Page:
A bachelor is a man who is socially regarded as able to marry, but has not yet. It is also the title of anyone of any gender or marital status who holds a bachelor's degree.
    An inferior knight; a squire.
    The holder of the first or lowest degree conferred by a college or university, e. g., a bachelor of arts, bachelor of law, etc. A kind of inferior knight; an esquire, A man who has never been married.
    The first degree taken at the universities in the arts and sciences, as bachelor of arts, & c. It is called, in Latin, Baccalaureus, from bacalus, or bacillus, a staff, because a staff was given, by way of distinction, into the hands of those who had completed their studies. Some, however, have derived the word from baccalaura, others from bas chevalier, as designating young squires who aspire to the knighthood. (Dupin.) But the derivation. of the word is uncertain.
  15. Bachelor Of Laws

    The Bachelor of Laws (Latin: Legum Baccalaureus; LL.B. or B.L.) is an undergraduate degree in law (or a first professional degree in law, depending on jurisdiction) originating in England and offered in most common law jurisdictions. The "LL." of the abbreviation for the degree is from the genitive plural legum (of lex, law). Creating an abbreviation for a plural, especially from Latin, is often done by doubling the first letter (e.g., "pp" for "pages"), thus "LL.B." stands for Legum [...]
    The degree that is conferred upon graduation from a college of law and is abbreviated to L.L.B.
    The Bachelor of Laws (abbreviated LL.B., LLB, or rarely, Ll.B.) is an undergraduate degree in law generally offered after three or more years of college, and then three years of study of the law. This degree originated in England and traditionally offered in most common law countries as the primary law degree. In the United States, the degree has been replaced by the J.D. (Juris Doctor), and many common law countries have or are in the process of phasing out their LL.B. degrees in favor of the [...]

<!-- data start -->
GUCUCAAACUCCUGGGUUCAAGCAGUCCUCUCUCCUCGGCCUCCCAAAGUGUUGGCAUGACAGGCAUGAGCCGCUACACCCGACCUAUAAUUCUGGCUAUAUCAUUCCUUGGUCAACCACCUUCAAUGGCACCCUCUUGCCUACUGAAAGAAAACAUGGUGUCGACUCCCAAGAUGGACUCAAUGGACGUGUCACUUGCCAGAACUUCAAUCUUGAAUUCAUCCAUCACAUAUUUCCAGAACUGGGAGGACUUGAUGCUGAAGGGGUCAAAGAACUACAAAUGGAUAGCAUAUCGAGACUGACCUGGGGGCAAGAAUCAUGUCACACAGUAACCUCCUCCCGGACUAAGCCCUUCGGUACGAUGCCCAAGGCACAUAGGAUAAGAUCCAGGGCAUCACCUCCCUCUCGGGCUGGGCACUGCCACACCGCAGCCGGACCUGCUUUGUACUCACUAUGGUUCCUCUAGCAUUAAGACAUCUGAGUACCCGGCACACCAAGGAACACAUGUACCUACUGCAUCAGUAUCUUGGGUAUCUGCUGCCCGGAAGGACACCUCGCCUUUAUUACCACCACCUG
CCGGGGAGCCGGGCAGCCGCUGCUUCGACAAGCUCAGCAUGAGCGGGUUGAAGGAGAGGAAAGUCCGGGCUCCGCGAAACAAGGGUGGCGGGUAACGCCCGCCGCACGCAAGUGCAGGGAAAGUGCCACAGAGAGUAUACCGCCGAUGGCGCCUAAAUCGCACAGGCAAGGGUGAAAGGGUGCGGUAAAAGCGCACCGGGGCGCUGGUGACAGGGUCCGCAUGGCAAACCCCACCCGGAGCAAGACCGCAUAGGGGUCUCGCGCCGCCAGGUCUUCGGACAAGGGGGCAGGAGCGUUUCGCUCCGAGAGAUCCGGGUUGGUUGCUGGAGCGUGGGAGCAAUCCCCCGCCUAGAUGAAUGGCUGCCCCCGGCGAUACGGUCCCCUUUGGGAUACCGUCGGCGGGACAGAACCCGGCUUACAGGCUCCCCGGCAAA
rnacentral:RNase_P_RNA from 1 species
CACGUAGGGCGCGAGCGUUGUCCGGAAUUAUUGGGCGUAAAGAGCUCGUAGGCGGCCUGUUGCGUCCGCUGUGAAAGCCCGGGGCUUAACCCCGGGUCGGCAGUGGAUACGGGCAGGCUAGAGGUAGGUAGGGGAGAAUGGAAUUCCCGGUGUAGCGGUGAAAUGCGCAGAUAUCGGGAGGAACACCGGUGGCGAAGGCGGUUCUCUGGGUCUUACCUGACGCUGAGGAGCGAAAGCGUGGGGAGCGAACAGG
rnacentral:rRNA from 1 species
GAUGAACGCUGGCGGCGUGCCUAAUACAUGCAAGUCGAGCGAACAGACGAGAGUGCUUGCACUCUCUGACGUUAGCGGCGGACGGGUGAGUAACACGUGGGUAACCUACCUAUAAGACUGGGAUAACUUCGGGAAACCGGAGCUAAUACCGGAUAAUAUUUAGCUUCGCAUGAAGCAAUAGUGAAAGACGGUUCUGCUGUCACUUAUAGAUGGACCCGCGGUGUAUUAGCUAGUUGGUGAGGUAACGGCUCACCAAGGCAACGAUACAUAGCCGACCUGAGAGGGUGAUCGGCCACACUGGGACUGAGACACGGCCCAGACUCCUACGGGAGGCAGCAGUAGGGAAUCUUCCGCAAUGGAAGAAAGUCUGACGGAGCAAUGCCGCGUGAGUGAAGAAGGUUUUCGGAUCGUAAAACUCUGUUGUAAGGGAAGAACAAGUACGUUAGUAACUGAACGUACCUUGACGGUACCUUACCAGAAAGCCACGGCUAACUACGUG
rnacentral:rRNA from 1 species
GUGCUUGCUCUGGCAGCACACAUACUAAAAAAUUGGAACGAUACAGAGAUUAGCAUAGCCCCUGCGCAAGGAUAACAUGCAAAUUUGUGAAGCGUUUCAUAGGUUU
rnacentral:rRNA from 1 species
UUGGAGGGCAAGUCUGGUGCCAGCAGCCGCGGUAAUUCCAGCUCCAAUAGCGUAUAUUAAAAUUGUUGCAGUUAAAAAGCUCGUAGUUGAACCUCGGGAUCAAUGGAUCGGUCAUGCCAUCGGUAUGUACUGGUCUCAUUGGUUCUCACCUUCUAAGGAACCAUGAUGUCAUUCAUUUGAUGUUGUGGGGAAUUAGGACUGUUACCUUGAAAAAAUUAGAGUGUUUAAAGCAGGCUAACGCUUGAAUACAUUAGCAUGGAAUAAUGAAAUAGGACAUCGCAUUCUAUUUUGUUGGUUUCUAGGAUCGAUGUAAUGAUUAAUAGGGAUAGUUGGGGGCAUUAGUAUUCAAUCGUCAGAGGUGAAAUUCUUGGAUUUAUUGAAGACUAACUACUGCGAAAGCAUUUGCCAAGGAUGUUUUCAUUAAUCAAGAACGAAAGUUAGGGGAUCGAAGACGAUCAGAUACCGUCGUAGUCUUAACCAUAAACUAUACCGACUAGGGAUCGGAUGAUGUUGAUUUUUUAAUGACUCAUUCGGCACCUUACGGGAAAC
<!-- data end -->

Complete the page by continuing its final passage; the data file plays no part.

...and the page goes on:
16. Bachelor Of Science

    A Bachelor of Science (Latin Baccalaureus Scientia, B.S., BS, B.Sc., or BSc; or, less commonly, S.B., SB, or Sc.B., from the equivalent Latin Scientiae Baccalaureus) is an undergraduate academic degree awarded for completed courses that generally last three to five years. Whether a student of a particular subject is awarded a Bachelor of Science degree or a Bachelor of Arts degree can vary between universities. For one example, an economics degree may be given as a Bachelor of Arts (B.A.) by [...]
    A degree a student gets after at least 3 years of schooling. It is commonly gotten in computers, engineering, and business.
  17. Bachelor's Degree

    A bachelor's degree (from Middle Latin baccalaureus) or baccalaureate (from Modern Latin baccalaureatus) is an undergraduate academic degree awarded by colleges and universities upon completion of a course of study lasting three to seven years (depending on institution and academic discipline). In some institutions and educational systems, some bachelor's degrees can only be taken as graduate or postgraduate degrees after a first degree has been completed. In countries with qualifications [...]
    A degree a student gets after 8 semesters or 120 credit hours. It is undergraduate work and can be in any major. There are bachelors of science, art, and fine arts. This is done to increase career opportunities. AKA baccalaureate.
  18. Back

    V. To indorse; to sign on the back; to sign generally by way of acceptance or approval. Where a warrant issued in one county is presented to a magistrate of another county and he signs it for the purpose of making it executory in his county, he is said to "back" it. 4 Bl. Comm. 291. So an endorser of a note or bill is colloquially said to "back" it. Seabury v. Hungerford, 2 Hill (N. Y.) 80.
    Adv. To the rear; backward; In a reverse direction. Also, in arrear. See also Bach lands Back taxes Backwater
  19. Back Channel Communication

    When an organization has an informal informational channel. It sometimes is faster than formal communication.
  20. Back Charge

    A back charge is an invoice sent to a customer, billing for an expense incurred by the seller in a prior period.